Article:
Friday Sampler: A Crushing Death by F. M. Meredith

A Crushing Death Final

In our mission to connect readers, writers, and books, Caleb and Linda Pirtle is showcasing some of the best authors in the marketplace today. Friday’s Sampler features an excerpt from A Crushing Death, an murder mystery from F. M. Meredith.

About F. M. Meredith

Author  F. M. Meredith, also known as Marilyn Meredith, is the author of 35 plus published books. She taught writing for Writers Digest Schools for 10 years, and was an instructor at the prestigious Maui Writers Retreat, and has taught at many writers’ conferences.

Marilyn is a member of three chapters of Sisters in Crime, Mystery Writers of America, and on the board of the Public Safety Writers of America. She lives in the foothills of the Sierra. Visit her at http://fictionforyou.com and her blog at http://marilymeredith.blogspot.com/

The Story

In the twelfth book in the Rocky Bluff P.D. series A Crushing Death, a pile of rocks is found on a dead body beneath the condemned pier, a teacher is accused of molesting a student, the new police chief is threatened by someone she once arrested for attacking women, and Detective Milligan’s teenage daughter has a big problem.

The Sampler

F. M. Meredith
F. M. Meredith

It never failed. On a holiday or a scheduled day off, or right in the middle of a great night’s sleep, the phone rang, like it just did.

Without opening his eyes, Detective Doug Milligan reached for his phone and answered. “Milligan.”

“You’re needed at the old pier.” The voice belonged to Sergeant Abel Navarro. “Homicide. Zachary will meet you there.” Then he was gone.

His wife, Stacey, rolled over to face him. “What is it?”

“Homicide. Got to go.” He leaned over and kissed her.

Her face registered curiosity.

“All I know is that a body was found at the old pier.” He grabbed his clothes from a chair and went into the bathroom.

Because Rocky Bluff P.D. was small, underfunded and understaffed, Doug and his partner Felix Zachary investigated all major crimes including homicides and other crime scenes.

When Doug drove onto the broken up asphalt of the parking lot, he parked next to Felix Zachary’s new Escalade. A RBPD blue-and-white patrol car was beside it. Nearer the chained- off steps leading to the dilapidated wooden pier, a young couple huddled against a white Chevy truck.

A flashlight beam bobbed around underneath the pier.

When Doug got out of his own van, he immediately felt the damp air, smelled the ocean, and heard the waves pounding the beach. He opened his trunk and brought out his portable evidence kit.

Weeds sprouted through the cracked asphalt of the lot, some standing many inches high. Doug hurried across, but when he reached the sand, walking became more of an effort.

Though condemned for years, the city fathers had yet to make plans to tear down the battered pier. The last major damage done to it was in 1995 when a winter storm with 18 foot high waves ripped off the end of the pier, including some of the wooden footings. The recent earthquake shook more boards and railings loose.

When Doug reached Felix and the uniformed officer on the scene, he asked, “What have we got?”

Officer Vaughn Aragon, much shorter than Doug or Felix, played the beam of his flashlight over what looked like a pile of large stones stacked on the chest of a body. “Those kids back there found this.”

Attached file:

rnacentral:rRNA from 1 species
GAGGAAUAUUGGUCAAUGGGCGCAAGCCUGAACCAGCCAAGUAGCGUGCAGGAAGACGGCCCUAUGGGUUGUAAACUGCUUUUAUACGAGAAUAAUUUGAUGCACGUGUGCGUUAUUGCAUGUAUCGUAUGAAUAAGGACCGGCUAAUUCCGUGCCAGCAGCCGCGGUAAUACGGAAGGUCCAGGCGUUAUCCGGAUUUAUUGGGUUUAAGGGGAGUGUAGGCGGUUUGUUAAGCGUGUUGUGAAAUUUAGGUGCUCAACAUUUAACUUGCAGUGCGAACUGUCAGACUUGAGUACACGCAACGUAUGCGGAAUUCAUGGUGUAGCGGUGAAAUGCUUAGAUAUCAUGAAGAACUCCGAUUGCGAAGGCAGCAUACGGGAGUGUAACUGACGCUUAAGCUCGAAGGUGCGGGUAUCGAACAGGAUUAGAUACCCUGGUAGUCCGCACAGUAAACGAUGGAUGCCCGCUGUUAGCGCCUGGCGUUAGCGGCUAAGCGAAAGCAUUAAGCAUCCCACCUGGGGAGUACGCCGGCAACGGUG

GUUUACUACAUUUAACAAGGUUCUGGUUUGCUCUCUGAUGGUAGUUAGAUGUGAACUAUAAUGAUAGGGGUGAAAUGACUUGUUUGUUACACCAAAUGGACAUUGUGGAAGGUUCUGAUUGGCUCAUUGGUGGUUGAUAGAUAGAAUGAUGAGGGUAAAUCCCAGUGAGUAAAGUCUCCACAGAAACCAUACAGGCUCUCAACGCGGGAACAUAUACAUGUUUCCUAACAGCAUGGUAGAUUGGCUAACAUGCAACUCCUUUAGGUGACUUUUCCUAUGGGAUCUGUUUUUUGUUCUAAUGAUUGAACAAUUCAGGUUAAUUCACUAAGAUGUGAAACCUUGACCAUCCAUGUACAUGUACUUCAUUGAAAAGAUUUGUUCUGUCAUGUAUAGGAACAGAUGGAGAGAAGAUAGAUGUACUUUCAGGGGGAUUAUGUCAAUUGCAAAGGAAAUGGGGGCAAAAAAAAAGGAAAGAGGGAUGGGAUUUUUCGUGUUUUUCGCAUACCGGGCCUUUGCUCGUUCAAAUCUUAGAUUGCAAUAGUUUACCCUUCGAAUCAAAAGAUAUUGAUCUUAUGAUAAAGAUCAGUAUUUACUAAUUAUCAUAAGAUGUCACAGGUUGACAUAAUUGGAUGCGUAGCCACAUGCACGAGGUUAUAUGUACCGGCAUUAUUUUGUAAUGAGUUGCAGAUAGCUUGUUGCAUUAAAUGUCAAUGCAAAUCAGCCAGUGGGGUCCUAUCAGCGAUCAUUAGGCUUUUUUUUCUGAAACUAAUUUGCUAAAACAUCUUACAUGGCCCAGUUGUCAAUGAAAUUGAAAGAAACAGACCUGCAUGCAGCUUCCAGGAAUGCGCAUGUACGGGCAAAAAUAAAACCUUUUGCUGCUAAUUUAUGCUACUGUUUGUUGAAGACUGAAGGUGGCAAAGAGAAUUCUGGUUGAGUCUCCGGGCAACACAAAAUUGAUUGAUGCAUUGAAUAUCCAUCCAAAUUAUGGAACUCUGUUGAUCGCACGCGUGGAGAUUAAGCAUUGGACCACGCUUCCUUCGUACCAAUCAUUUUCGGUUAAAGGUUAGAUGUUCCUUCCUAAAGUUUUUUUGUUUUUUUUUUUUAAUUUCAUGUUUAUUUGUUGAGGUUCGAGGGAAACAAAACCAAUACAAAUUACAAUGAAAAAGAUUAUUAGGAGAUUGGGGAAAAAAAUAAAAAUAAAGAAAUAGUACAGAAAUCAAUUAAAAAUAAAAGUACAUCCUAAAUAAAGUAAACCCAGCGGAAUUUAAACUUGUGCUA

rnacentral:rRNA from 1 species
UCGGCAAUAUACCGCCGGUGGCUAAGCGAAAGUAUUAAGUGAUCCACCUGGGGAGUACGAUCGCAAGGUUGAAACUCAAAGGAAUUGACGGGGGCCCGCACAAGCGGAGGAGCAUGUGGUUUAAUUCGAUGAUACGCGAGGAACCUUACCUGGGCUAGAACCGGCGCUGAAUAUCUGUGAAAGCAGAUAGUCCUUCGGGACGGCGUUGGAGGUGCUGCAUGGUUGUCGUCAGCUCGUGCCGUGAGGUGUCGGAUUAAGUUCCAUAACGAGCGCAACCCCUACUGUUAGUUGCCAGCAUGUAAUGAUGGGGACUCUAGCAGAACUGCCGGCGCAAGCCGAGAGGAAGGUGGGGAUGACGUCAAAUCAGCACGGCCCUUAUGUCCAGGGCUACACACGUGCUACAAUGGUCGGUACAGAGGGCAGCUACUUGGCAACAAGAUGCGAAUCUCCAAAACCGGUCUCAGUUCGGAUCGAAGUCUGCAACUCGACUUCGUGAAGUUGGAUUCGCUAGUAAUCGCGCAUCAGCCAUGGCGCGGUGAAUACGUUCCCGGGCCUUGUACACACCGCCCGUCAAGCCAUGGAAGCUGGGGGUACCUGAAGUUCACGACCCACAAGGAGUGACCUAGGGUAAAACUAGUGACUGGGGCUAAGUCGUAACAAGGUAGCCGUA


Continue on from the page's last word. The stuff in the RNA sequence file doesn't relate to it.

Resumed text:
Doug pulled on latex gloves and squatted close to the head. “Either of you recognize the victim?” From what he could see, the corpse was male, light brown hair, close to 6 feet tall, and possibly 180 pounds or more. There were no visible signs of decomposition. He touched the body. Cold.

“I think I know who it is,” Aragon said. “His wife reported him missing yesterday. I saw his photo at the station. If I’m right, it’s Martin Tivazian.”

Doug recognized the name. “That’s the high school teacher accused of improper actions with one of his students.”

“Yes. I’m sure it’s him.”

“Have you called the medical examiner’s office yet?”

“Did it soon as I arrived.” Detective Felix Zachary towered over the much shorter Aragon. Except for the new chief, he was the only African-American officer on the RBPD, towered over the much shorter Aragon. “It’ll be awhile before someone gets here from Ventura.”

Being too small and too poor to have a coroner of its own, Rocky Bluff P.D. used the Ventura County Medical Examiner’s Office for any deaths suspected of foul play. Obviously this one met the criteria.

Doug turned to Officer Aragon “While we’re waiting for them, interview the young couple who found the body. Ask them the usual questions and get their contact information.”

Aragon trotted off.

“Felix, did you get a chance to look around at all?” Doug played his flashlight beam in a widening arc around the body. He spotted a few partial footprints in the dry sand, but nothing that looked like it would hold up in a cast. It wouldn’t be easy to discern between those of the kids who found the body, Aragon’s and their own, let alone whoever deposited the body under the pier.

“I didn’t get here much before you. What I did see was what looks like drag marks over there.” Felix pointed his flashlight toward an approximately two-foot wide depression that came from the direction of the parking lot and ended at the corpse.

“Maybe the victim was brought here unconscious and then the stones piled on.” Doug played the beam of the flashlight over what he could see of the victim. He had a long face and thick dark hair. He wore khaki slacks and what looked like expensive loafers.

“Or he was killed somewhere else and the stones are some kind of a statement.”

Doug grimaced.

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